Wednesday, July 8, 2015

PHL asks tribunal to assume jurisdiction on its case vs China

From the Philippine News Agency (Jul 8): PHL asks tribunal to assume jurisdiction on its case vs China

Philippine officials, backed by international law experts, began arguing that China’s nine-dash line claim of virtually the entire South China Sea is invalid.

The Philippines presented on Tuesday the arguments for the Philippine position, with emphasis on the tribunal’s proper jurisdiction to hear and decide the case, a Foreign Affairs statement said on Wednesday.

First to speak for the Philippines on the first day of the oral arguments on July 7 was Solicitor General Florin Hilbay, who introduced the case and presented the order of speakers for the Philippines.

Hilbay was followed by Foreign Secretary Albert del Rosario, who explained the reason for the Philippines’ decision to seek arbitration in the current maritime dispute with China.

In his statement, Del Rosario asked the tribunal to recognize its jurisdiction because of the importance of the case, “not only to the region but to the entire world, and its impact on the application of the rule of law in maritime disputes.”

The chief counsel for the Philippines, Mr. Paul Reichler of the US-based Foley Hoag law firm, then presented the justification for the tribunal’s jurisdiction over the Philippine claims under the United Nations Convention on the Law of the Sea.

UNCLOS, a 1982 treaty signed by 163 states including the Philippines and China, allows coastal countries the right to explore, develop and exploit areas within its designated 200-nautical exclusive economic zone or EEZ.

China is accused by the Philippines of violating the law with its nine-dash line claim that encroaches on the maritime sovereignty of its neighbors.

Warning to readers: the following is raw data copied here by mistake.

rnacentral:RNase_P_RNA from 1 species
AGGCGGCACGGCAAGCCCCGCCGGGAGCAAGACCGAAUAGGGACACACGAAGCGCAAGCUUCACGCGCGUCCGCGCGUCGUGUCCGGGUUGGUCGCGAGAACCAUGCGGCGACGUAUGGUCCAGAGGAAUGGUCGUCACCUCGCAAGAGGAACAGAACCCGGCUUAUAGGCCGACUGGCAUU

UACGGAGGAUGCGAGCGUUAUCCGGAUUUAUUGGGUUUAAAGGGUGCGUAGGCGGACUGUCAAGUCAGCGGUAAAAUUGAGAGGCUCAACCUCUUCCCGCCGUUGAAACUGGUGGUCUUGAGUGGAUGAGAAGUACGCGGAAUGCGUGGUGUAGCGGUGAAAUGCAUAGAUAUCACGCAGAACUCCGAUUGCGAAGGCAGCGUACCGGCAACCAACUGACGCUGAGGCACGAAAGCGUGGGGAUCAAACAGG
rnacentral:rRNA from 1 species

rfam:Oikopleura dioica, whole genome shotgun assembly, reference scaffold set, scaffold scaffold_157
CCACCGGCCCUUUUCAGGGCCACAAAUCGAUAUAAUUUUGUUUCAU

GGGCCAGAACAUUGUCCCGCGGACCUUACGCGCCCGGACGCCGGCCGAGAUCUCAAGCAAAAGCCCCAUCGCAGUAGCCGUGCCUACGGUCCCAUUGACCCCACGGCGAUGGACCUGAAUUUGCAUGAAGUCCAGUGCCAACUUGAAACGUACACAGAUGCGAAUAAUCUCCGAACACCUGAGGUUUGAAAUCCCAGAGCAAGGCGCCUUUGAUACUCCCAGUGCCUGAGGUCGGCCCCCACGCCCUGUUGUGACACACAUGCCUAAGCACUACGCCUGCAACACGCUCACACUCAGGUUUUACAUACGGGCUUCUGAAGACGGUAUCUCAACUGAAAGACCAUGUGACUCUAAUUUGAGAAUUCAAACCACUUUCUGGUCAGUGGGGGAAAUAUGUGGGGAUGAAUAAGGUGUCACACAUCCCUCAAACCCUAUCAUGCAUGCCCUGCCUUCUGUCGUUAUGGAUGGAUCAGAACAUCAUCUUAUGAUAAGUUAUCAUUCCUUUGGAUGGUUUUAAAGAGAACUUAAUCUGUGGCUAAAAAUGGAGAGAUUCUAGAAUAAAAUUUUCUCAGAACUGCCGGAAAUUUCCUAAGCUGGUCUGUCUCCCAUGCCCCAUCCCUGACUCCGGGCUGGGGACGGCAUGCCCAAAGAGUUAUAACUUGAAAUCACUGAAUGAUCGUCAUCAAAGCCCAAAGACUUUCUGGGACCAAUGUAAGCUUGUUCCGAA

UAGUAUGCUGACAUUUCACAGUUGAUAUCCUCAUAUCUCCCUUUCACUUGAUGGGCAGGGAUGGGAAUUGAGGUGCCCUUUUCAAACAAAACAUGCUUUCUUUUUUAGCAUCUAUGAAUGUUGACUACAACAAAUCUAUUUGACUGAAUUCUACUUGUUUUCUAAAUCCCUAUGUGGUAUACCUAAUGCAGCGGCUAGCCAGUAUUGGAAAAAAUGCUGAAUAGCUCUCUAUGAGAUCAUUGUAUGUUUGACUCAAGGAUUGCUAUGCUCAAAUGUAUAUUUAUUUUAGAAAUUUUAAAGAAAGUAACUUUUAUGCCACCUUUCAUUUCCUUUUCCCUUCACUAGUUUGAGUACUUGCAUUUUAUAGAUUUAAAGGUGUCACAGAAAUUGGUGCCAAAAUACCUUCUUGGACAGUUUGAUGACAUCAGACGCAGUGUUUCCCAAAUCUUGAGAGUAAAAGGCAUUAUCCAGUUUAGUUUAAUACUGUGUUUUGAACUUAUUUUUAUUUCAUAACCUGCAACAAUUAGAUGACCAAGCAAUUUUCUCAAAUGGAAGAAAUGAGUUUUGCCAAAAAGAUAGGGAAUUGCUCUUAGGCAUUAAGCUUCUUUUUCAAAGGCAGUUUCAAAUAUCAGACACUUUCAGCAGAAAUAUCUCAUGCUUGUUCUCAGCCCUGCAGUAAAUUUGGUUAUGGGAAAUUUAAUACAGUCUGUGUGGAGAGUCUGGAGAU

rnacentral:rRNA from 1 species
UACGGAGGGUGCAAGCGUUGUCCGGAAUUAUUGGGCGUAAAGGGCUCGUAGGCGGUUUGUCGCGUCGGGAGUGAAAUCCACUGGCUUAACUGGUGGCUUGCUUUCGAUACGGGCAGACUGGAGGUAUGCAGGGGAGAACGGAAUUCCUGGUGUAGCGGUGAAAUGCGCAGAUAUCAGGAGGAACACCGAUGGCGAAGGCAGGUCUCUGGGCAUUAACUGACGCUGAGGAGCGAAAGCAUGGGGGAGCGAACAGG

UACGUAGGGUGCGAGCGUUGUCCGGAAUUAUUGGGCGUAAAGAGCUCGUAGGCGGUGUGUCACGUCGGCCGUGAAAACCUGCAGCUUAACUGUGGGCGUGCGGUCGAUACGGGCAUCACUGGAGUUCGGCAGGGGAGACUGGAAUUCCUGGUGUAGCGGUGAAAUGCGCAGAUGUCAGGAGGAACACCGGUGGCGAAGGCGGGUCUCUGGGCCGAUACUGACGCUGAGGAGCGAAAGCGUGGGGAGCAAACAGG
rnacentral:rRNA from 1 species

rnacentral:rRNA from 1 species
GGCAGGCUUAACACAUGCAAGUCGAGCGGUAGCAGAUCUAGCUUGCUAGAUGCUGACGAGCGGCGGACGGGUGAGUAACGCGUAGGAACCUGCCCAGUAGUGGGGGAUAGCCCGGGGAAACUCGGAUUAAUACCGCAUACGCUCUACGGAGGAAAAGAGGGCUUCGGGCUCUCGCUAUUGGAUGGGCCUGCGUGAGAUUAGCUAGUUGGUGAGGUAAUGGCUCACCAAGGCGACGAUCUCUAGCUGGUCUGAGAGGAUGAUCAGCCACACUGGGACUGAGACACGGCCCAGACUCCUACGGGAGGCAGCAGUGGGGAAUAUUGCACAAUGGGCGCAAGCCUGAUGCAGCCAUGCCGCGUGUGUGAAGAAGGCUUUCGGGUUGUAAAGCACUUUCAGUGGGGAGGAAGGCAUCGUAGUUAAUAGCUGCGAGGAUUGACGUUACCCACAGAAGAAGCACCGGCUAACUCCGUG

The 2012 standoff between the two states at the Philippine-claimed Scarborough shoal prompted Manila to bring its disputes with China to an arbitral tribunal. Scarborough, which is within the Philippines’ exclusive economic zone, is now under Chinese control.

China, which did not participate in the proceedings, said issues of sovereignty and maritime delimitation are beyond the scope of the tribunal’s jurisdiction.

Foreign legal experts dismissed China’s assertion in the hearing as they explained how the Philippines’ claims did not raise questions of sovereignty over land or raise questions of maritime delimitation.

For the second day of the oral arguments, the Philippines’ lawyers will further explain how the Philippine case did not fall under the specific UNCLOS exemptions which would preclude the tribunal from hearing the case.

They will also present strong arguments regarding the strength of the Philippines’ environmental and fishing claims against China, which has embarked on rapid and massive reclamation of formerly submerged reefs and transformed them into artificial islands. Manila said such activities have damaged the marine bio-diversity and ecosystem of the South China Sea.

The Philippine legal team is expected to summarize the Philippines’ case and reply to questions to be raised by the tribunal before the oral arguments conclude on July 13.

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